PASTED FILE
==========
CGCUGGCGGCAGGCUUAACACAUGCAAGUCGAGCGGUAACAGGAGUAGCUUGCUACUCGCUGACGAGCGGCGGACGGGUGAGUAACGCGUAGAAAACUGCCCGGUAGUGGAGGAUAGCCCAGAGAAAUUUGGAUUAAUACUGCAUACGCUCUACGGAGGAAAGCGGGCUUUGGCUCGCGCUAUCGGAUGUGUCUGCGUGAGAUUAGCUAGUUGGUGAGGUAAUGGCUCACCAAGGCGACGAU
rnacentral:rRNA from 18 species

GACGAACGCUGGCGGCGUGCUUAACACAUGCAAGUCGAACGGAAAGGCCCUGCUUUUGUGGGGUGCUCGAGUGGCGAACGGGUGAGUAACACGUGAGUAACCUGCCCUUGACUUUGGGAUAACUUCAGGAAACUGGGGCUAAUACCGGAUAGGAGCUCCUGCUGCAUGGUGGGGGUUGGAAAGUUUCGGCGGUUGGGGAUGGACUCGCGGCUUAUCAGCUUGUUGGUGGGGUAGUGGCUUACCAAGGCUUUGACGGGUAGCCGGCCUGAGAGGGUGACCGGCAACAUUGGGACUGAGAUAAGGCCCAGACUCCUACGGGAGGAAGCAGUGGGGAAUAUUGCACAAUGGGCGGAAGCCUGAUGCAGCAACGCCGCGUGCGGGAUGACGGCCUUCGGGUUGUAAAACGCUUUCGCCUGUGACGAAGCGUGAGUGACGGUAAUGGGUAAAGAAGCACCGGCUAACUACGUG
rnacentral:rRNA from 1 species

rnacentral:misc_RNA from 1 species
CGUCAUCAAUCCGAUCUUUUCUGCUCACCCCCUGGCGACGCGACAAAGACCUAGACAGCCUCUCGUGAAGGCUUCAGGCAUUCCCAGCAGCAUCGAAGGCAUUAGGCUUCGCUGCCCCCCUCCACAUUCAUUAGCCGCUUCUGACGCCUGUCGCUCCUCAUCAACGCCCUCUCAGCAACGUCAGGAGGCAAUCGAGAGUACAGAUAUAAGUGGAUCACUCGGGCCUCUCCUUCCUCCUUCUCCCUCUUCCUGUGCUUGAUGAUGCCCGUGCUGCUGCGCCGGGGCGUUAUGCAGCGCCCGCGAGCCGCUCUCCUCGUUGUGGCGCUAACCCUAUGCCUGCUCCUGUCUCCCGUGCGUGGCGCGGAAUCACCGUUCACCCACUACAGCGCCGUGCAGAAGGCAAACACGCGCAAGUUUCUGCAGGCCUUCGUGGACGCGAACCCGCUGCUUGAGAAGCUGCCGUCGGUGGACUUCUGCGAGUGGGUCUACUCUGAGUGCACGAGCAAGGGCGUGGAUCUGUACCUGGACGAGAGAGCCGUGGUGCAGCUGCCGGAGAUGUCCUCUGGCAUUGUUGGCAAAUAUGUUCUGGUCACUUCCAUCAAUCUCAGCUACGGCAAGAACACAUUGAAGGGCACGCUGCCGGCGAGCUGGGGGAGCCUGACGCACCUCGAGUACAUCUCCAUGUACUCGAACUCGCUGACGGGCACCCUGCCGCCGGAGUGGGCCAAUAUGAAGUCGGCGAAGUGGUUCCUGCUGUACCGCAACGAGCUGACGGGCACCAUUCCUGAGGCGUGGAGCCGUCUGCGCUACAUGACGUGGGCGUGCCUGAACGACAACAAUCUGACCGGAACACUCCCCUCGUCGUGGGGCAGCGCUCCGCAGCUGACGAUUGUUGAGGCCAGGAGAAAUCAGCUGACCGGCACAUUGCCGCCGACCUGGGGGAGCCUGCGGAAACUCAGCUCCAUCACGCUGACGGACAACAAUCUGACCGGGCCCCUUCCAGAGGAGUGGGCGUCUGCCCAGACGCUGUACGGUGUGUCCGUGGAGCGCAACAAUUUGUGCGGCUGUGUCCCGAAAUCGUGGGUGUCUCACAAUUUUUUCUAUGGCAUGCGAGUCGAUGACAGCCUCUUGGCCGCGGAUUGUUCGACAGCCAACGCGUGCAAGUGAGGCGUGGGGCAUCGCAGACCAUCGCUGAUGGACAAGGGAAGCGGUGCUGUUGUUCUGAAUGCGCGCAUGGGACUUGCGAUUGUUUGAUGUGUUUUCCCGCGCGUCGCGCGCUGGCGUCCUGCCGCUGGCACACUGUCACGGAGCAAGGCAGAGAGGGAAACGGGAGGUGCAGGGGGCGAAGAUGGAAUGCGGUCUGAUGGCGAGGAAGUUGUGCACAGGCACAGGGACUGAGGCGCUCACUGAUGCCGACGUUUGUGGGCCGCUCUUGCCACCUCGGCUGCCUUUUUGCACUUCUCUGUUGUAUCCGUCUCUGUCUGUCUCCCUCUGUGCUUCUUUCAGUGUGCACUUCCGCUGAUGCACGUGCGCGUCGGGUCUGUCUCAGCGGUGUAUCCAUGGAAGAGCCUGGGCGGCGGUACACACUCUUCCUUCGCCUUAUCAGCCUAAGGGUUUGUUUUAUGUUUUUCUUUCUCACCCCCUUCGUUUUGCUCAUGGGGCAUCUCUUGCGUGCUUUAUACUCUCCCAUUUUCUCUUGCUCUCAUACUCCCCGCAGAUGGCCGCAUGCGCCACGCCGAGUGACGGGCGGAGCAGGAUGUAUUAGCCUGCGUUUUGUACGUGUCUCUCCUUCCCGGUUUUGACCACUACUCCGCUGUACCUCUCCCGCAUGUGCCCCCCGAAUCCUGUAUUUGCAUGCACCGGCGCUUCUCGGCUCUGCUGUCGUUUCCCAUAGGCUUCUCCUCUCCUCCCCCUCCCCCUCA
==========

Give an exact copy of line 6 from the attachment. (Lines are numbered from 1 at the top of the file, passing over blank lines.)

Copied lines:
CGUCAUCAAUCCGAUCUUUUCUGCUCACCCCCUGGCGACGCGACAAAGACCUAGACAGCCUCUCGUGAAGGCUUCAGGCAUUCCCAGCAGCAUCGAAGGCAUUAGGCUUCGCUGCCCCCCUCCACAUUCAUUAGCCGCUUCUGACGCCUGUCGCUCCUCAUCAACGCCCUCUCAGCAACGUCAGGAGGCAAUCGAGAGUACAGAUAUAAGUGGAUCACUCGGGCCUCUCCUUCCUCCUUCUCCCUCUUCCUGUGCUUGAUGAUGCCCGUGCUGCUGCGCCGGGGCGUUAUGCAGCGCCCGCGAGCCGCUCUCCUCGUUGUGGCGCUAACCCUAUGCCUGCUCCUGUCUCCCGUGCGUGGCGCGGAAUCACCGUUCACCCACUACAGCGCCGUGCAGAAGGCAAACACGCGCAAGUUUCUGCAGGCCUUCGUGGACGCGAACCCGCUGCUUGAGAAGCUGCCGUCGGUGGACUUCUGCGAGUGGGUCUACUCUGAGUGCACGAGCAAGGGCGUGGAUCUGUACCUGGACGAGAGAGCCGUGGUGCAGCUGCCGGAGAUGUCCUCUGGCAUUGUUGGCAAAUAUGUUCUGGUCACUUCCAUCAAUCUCAGCUACGGCAAGAACACAUUGAAGGGCACGCUGCCGGCGAGCUGGGGGAGCCUGACGCACCUCGAGUACAUCUCCAUGUACUCGAACUCGCUGACGGGCACCCUGCCGCCGGAGUGGGCCAAUAUGAAGUCGGCGAAGUGGUUCCUGCUGUACCGCAACGAGCUGACGGGCACCAUUCCUGAGGCGUGGAGCCGUCUGCGCUACAUGACGUGGGCGUGCCUGAACGACAACAAUCUGACCGGAACACUCCCCUCGUCGUGGGGCAGCGCUCCGCAGCUGACGAUUGUUGAGGCCAGGAGAAAUCAGCUGACCGGCACAUUGCCGCCGACCUGGGGGAGCCUGCGGAAACUCAGCUCCAUCACGCUGACGGACAACAAUCUGACCGGGCCCCUUCCAGAGGAGUGGGCGUCUGCCCAGACGCUGUACGGUGUGUCCGUGGAGCGCAACAAUUUGUGCGGCUGUGUCCCGAAAUCGUGGGUGUCUCACAAUUUUUUCUAUGGCAUGCGAGUCGAUGACAGCCUCUUGGCCGCGGAUUGUUCGACAGCCAACGCGUGCAAGUGAGGCGUGGGGCAUCGCAGACCAUCGCUGAUGGACAAGGGAAGCGGUGCUGUUGUUCUGAAUGCGCGCAUGGGACUUGCGAUUGUUUGAUGUGUUUUCCCGCGCGUCGCGCGCUGGCGUCCUGCCGCUGGCACACUGUCACGGAGCAAGGCAGAGAGGGAAACGGGAGGUGCAGGGGGCGAAGAUGGAAUGCGGUCUGAUGGCGAGGAAGUUGUGCACAGGCACAGGGACUGAGGCGCUCACUGAUGCCGACGUUUGUGGGCCGCUCUUGCCACCUCGGCUGCCUUUUUGCACUUCUCUGUUGUAUCCGUCUCUGUCUGUCUCCCUCUGUGCUUCUUUCAGUGUGCACUUCCGCUGAUGCACGUGCGCGUCGGGUCUGUCUCAGCGGUGUAUCCAUGGAAGAGCCUGGGCGGCGGUACACACUCUUCCUUCGCCUUAUCAGCCUAAGGGUUUGUUUUAUGUUUUUCUUUCUCACCCCCUUCGUUUUGCUCAUGGGGCAUCUCUUGCGUGCUUUAUACUCUCCCAUUUUCUCUUGCUCUCAUACUCCCCGCAGAUGGCCGCAUGCGCCACGCCGAGUGACGGGCGGAGCAGGAUGUAUUAGCCUGCGUUUUGUACGUGUCUCUCCUUCCCGGUUUUGACCACUACUCCGCUGUACCUCUCCCGCAUGUGCCCCCCGAAUCCUGUAUUUGCAUGCACCGGCGCUUCUCGGCUCUGCUGUCGUUUCCCAUAGGCUUCUCCUCUCCUCCCCCUCCCCCUCA